>Let us postulate that I am happy to believe in life in outer space, in that
>the meteors could be fragments of someplace else suitable for life. Does
>this affect your argument? And a different question: If extra-terrestrial
>life were proved to exist (even in non-intelligent form), how does this
>affect your views on God's role?
>Anyone is welcome to take a crack at the second question.
I like this question. Yes, if life exists out there it most assuredly affects
the immediate argument. Dr. Pun could then claim that only life creates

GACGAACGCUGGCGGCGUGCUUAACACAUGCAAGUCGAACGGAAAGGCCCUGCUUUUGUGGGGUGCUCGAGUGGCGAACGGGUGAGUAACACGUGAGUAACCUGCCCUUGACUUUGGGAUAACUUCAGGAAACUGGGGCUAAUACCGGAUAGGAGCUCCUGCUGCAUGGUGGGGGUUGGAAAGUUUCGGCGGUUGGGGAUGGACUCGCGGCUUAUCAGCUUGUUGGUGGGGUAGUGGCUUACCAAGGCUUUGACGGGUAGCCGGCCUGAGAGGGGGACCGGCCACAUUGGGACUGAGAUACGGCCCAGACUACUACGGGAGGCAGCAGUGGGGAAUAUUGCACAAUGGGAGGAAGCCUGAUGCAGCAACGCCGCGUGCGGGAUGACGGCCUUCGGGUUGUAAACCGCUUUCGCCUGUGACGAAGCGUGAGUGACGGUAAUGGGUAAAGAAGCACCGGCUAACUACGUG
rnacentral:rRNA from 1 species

non-racemic amino acids. He would be able to cite those green men for
But when it comes to the absolute origin of life, my argument, that there must
be some nonbiological mechanism for creating left handed forms, would be
without any example, and thus neutered. In this case I might be forced to
alter my view of what God did, but it would not alter my view of God's role.
God created life; how he did it and what He did is still up for grabs.
The existence of other living systems would also raise the panspermia
Foundation,Fall and Flood